Georgia Computer Program Reducing Uninsured Motorists, State Says

December 27, 2005

The number of uninsured motorists on Georgia highways has been sharply reduced since the state began using a computer system to keep track of liability insurance rolls, the state Department of Revenue said.

Before the system took effect in February 2003, the lack of a central database allowed people to get tags without active policies, and no one knew how many uninsured motorists there were, said Keith Thomas, a Revenue Department official who works with the program.

Now, insurers are required to transmit a vehicle’s identification number and the policy’s effective date within 30 days of the start of coverage. Policy terminations, deletions and additions on the state’s eight million registered vehicles also must be reported.

“When we started, we estimated that 22 percent of motorists were uninsured,” Thomas said. “We think now we’re somewhere in the ballpark of 2 percent,” or 160,000 vehicles.

Any insurance that is lapsed more than 10 days prompts a letter from the state fining the vehicle owner $25. At one point, the state was sending out 10,000 lapse letters each week, Thomas said.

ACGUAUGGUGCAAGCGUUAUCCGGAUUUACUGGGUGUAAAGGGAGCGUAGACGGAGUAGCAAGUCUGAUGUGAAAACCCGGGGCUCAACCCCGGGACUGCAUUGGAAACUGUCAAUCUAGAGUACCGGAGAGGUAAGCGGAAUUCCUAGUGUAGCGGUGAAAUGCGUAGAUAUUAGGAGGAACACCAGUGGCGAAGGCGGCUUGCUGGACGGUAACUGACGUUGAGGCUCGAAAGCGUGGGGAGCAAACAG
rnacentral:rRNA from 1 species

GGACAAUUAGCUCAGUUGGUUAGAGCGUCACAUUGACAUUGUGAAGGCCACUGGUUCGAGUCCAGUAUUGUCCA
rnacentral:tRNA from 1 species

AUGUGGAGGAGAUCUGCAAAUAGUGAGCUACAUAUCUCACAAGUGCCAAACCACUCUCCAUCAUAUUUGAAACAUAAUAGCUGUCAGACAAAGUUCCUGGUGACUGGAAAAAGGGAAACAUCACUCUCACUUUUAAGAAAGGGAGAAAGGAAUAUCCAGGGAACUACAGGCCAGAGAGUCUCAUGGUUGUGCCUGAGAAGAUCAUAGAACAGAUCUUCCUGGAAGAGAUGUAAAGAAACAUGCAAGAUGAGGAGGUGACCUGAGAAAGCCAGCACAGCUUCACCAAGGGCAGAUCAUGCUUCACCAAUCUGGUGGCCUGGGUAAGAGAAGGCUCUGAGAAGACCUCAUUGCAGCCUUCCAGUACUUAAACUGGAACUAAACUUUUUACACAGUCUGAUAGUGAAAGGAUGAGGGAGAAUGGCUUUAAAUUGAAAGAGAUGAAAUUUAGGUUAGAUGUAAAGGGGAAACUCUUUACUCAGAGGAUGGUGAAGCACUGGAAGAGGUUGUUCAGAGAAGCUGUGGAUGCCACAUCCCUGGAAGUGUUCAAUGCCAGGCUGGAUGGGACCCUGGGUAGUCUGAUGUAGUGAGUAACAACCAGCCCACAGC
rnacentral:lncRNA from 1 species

Revenue Department figures compiled last month listed Fayette as the county with the smallest percentage of uninsured vehicles, at 1 percent. Chattahoochee County was worst with 4.7 percent.

The insurance database can help police determine whether a vehicle is stolen. Police officers can access the insurance database during a traffic stop and know immediately whether a vehicle is insured.

The better reporting has cut down on the number of no-insurance tickets issued by the Suwanee Police Department, Sgt. Cass Mooney said.

Under the old system, the department issued about 100 tickets each month for lack of insurance. Many times the motorist had insurance but did not have the proof-of-insurance card in the glove box. With the computer in the mix, the department is down to issuing just 15 such tickets each month.

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